The REAL ID deadline for domestic flyers has been extended. again.

The Real ID Act of 2005, which required U.S. travelers to carry more than a standard driver’s license to board domestic flights, was originally scheduled to go into effect on May 3, 2023. But after a delay of about 15 years, on Monday, the department’s Department of Homeland Security pushed back the enforcement deadline by another 24 months. Travelers now have until May 7, 2025 to update their documents.

The REAL ID Act is a post-September bill. Title 11 The law requires US travelers flying within the US to present a security-enhanced driver’s license or other TSA-approved identification, such as a passport, to a TSA agent. When the bill finally goes into effect, state driver’s licenses that don’t include a REAL ID stamp will no longer be accepted at airport security checkpoints across the country.

Congress passed the REAL ID Act after the discovery of nearly all hijackers who boarded commercial aircraft in September. On November 11, 2001, carrying a US driver’s license and state identification card, most of which were obtained fraudulently. The bill, which sets minimum standards for driver’s licenses and other types of ID, was originally scheduled to take effect in 2008. The bill has been extended several times, including twice during the Covid-19 pandemic.

The recent rollout has been marked by chaos. While REAL ID shows that applicants have been screened and approved by federal standards, these cards are issued by individual states, U.S. territories (except American Samoa, which is under review), and the District of Columbia. The application process varies by state, as does the look of the card: Real ID has an asterisk, but its placement is inconsistent.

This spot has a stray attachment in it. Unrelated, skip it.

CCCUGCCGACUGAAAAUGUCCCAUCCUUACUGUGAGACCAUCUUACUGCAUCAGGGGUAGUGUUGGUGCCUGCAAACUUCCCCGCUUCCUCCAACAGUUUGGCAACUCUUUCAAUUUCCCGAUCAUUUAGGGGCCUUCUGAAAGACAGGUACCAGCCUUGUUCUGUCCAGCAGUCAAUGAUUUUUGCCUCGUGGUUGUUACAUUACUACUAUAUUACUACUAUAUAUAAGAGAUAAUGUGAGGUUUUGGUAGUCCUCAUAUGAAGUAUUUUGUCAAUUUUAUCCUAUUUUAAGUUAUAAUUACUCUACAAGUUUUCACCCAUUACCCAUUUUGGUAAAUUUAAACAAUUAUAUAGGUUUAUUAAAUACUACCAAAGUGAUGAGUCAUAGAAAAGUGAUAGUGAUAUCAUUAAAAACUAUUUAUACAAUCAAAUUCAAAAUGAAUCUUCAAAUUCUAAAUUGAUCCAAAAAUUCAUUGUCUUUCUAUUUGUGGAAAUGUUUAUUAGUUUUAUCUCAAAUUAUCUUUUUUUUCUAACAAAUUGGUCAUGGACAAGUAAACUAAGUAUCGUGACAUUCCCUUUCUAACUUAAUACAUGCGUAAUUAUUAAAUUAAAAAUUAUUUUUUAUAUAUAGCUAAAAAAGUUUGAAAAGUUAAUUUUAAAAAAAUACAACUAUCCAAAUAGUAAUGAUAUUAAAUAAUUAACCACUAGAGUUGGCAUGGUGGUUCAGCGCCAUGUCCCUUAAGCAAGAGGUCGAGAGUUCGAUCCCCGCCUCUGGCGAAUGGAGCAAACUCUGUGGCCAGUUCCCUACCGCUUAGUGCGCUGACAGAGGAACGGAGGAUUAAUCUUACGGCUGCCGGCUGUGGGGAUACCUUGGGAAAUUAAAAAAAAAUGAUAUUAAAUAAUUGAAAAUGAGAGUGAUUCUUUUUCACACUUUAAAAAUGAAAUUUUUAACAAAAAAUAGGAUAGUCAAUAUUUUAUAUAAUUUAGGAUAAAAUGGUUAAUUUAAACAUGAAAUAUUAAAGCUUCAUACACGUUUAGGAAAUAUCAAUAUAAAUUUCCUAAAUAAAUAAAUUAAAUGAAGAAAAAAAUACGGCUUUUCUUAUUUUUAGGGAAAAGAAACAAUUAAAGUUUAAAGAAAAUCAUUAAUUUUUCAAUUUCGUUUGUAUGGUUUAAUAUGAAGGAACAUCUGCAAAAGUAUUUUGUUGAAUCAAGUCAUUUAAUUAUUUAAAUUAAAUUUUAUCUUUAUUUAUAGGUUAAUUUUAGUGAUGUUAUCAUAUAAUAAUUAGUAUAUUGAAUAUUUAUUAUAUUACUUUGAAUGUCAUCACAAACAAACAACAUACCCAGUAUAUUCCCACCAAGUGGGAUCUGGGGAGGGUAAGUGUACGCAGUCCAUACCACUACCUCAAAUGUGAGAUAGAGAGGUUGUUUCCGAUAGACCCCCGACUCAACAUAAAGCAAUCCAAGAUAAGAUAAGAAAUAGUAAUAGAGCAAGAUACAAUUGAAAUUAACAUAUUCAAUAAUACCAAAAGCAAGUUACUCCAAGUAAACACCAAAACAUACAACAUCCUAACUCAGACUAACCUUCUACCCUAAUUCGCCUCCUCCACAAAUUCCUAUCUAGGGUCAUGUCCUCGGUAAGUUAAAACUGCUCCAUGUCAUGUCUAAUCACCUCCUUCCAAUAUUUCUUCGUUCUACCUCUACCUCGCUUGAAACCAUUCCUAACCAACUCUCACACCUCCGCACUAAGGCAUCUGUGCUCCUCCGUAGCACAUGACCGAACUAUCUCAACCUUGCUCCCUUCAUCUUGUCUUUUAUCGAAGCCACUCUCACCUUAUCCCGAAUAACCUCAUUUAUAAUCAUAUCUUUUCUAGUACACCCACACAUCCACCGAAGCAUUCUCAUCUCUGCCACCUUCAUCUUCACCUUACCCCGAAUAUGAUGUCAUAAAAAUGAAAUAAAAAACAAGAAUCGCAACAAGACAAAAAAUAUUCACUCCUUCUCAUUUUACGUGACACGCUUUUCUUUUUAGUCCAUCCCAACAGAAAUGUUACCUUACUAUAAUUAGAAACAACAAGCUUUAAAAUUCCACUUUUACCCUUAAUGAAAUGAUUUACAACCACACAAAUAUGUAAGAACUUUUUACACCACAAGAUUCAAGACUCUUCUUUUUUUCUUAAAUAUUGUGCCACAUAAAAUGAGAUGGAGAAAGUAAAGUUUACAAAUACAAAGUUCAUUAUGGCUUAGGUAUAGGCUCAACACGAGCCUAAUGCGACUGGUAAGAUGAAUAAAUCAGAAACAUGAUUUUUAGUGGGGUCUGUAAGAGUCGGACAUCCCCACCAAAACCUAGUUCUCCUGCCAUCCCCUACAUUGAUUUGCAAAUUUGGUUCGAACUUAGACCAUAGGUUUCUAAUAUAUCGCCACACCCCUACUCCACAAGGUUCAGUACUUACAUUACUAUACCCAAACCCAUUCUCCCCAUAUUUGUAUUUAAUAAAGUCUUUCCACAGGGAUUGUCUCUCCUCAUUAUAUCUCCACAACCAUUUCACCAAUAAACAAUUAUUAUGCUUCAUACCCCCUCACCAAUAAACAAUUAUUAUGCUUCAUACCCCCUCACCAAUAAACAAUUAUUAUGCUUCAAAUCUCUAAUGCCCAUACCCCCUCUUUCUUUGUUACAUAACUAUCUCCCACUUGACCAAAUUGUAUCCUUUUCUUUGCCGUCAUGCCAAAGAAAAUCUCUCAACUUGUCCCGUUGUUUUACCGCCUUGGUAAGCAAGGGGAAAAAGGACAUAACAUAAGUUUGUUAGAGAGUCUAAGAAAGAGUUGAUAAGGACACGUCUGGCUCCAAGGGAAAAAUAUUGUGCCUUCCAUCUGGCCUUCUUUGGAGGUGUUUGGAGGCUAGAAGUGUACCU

In some states, including New York, Michigan and Minnesota, residents have the option to apply for an enhanced driver’s license, which matches REAL ID but is marked with a flag instead of an asterisk. Unlike Real ID, an EDL can also be used in place of a passport to travel to and from the United States by land or sea from Canada, Mexico, and some Caribbean countries.

In Washington State, residents can only apply for an EDL standard Real ID license, which cannot be used at all.

This time around, the May 3, 2023 deadline appears to be sticking, with state motor vehicle departments launching marketing campaigns to encourage residents to replace their documents in time. In many states, there is a fee to switch to REAL ID.

But this month, federal authorities determined that not enough citizens were ready for the change, said Dan Velez, a spokesman for the New England TSA, and decided to extend the deadline for another two years.

“Over the past two years, the advancement of REAL ID has been severely hampered by state driver licensing agencies,” Mr. Velez said. “The extension is necessary to give states the time they need to ensure that their residents obtain REAL compliant licenses or identification cards.”

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